I was lousy, never finished higher than seventh in an eight-person race. But the training lifted my soul and my expectations: mile after mile through Wilmore and Francis parks, chatting, trotting, stretching. I had been known as one of a dozen or so faceless, doughy brainiacs, but I emerged from a spring of training lean and mean. I felt like an athlete. I learned that I could go beyond the boundaries of what others expected of me. More important, I broke through the bonds of what I expected of myself.
I blossomed intellectually, physically, artistically. I learned to play the guitar and piano. I earned scholarships, awards for writing, got the lead in the annual musical and even became a photographer: perhaps the biggest achievement of all for a girl that the nuns in grade school deemed inartistic because I couldn't color in the lines.
Thanks to running.
The girls from more than 200 schools in grades 3 though 8 competing in the Girls on the Run 5K on Saturday know what I'm talking about. They've spent the last 10 or so weeks training for the run, scheduled for 8 a.m. downtown at Soldiers Memorial. But they've also spent the time training their minds to accept no limits, to celebrate their accomplishments, to feel better about themselves and their potential, thanks to the help of their volunteer coaches, their parents and each other. The national organization works to formalize the lessons that I learned more or less through osmosis.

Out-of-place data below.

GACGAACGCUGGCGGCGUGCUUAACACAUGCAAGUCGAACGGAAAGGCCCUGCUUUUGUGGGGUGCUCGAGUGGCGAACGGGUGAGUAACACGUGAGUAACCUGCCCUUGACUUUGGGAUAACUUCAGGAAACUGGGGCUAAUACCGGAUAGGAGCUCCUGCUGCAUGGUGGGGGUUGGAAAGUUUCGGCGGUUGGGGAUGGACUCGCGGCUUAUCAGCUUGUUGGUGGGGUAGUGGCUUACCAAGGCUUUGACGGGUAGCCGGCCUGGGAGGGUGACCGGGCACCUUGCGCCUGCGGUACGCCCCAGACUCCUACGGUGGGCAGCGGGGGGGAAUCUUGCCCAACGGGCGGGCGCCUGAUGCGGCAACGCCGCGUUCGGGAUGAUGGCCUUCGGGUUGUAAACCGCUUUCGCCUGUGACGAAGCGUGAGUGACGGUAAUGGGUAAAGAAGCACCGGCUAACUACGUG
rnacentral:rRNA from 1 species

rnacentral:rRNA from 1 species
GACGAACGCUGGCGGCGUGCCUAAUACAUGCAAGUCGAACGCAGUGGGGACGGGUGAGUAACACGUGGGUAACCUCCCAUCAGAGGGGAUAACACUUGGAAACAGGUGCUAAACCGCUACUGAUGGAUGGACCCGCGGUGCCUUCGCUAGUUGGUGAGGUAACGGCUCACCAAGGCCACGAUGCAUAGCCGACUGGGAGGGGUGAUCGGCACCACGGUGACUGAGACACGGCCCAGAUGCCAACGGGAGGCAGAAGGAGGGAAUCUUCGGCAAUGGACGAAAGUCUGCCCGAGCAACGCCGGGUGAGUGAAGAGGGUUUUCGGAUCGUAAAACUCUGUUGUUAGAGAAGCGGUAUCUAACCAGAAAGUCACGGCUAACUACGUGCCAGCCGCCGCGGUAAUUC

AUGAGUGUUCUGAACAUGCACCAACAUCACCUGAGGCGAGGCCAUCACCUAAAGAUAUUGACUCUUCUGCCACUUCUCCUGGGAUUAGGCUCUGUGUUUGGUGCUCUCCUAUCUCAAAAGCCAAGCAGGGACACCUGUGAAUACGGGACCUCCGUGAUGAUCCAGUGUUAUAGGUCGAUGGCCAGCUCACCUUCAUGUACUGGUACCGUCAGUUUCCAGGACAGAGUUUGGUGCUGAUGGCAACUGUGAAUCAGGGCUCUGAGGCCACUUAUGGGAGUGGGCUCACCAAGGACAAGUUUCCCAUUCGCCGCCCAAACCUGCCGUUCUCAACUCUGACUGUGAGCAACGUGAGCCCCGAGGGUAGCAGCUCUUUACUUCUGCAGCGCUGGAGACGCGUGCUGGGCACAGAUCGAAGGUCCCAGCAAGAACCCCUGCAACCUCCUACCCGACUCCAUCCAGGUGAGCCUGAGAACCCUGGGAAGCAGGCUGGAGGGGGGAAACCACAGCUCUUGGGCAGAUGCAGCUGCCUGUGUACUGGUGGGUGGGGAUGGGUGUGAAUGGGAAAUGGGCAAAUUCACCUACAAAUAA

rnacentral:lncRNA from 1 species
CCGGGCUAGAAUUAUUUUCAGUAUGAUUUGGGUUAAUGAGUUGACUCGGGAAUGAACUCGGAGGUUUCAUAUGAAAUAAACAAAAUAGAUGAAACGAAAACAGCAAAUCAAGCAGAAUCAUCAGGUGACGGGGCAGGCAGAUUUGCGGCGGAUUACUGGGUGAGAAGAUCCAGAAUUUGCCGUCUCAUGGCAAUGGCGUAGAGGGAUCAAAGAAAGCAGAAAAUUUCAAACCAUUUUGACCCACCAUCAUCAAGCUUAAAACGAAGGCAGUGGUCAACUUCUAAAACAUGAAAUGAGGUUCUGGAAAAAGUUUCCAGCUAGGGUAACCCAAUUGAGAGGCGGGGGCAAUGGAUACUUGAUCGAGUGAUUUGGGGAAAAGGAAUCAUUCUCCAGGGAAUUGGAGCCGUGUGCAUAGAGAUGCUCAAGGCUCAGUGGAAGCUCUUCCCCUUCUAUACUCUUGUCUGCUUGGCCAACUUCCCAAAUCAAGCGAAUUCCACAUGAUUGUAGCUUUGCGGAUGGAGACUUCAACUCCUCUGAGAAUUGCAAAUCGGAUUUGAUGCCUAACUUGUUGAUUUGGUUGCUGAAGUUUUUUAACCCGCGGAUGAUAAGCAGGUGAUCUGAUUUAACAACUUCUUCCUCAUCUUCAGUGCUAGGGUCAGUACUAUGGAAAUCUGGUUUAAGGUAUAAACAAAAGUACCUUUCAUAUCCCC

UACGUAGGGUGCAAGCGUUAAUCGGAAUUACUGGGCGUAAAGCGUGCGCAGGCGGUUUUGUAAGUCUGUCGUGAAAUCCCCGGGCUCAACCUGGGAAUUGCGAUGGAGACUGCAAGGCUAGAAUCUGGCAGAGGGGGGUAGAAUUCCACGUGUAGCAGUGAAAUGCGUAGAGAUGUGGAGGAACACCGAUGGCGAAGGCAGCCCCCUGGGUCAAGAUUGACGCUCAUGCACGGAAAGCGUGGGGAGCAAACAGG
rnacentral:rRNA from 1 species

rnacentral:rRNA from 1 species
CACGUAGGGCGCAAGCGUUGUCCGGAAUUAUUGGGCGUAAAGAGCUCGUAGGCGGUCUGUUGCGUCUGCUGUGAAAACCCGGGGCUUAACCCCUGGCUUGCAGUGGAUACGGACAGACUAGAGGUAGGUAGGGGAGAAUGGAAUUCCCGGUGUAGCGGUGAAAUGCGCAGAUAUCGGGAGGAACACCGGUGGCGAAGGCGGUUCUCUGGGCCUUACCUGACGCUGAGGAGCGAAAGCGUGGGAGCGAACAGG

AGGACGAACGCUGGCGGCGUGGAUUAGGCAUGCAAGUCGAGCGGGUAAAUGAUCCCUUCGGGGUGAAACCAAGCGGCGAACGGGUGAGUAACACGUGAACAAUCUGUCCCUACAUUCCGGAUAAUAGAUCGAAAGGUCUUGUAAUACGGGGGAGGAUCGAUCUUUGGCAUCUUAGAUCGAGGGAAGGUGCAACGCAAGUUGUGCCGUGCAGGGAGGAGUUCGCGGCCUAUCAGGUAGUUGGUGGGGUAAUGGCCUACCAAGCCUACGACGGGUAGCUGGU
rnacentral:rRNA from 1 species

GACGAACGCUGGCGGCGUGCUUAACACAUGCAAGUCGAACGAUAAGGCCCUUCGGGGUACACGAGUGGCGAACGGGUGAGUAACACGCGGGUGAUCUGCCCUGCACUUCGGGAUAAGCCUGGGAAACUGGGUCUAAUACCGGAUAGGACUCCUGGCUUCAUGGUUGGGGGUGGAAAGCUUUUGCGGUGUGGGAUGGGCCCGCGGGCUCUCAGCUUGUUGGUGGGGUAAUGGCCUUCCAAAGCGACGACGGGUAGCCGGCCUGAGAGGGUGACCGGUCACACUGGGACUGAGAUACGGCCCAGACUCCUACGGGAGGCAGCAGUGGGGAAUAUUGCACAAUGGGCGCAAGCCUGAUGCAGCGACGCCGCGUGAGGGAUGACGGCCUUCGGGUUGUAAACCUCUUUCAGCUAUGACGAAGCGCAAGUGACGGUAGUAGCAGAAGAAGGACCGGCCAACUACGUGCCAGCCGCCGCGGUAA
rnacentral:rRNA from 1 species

Honorary chair Shannon Leinert, one of the best runners the area has produced, went above and beyond in her prerace message to the girls. The best part:
"I have been running just like you since I was 8 years old. Although Girls on the Run didn’t exist when I was growing up, I was surrounded by supportive coaches, teachers, family, and friends who inspired me to LEARN, DREAM, LIVE, and RUN!"
I thought that they deserved acknowledgement for their achievements and that I should issue a last-minute invitation to the area's runners to join them. Online registration remains available at $30, or you can sign up the morning of the race in person for $35.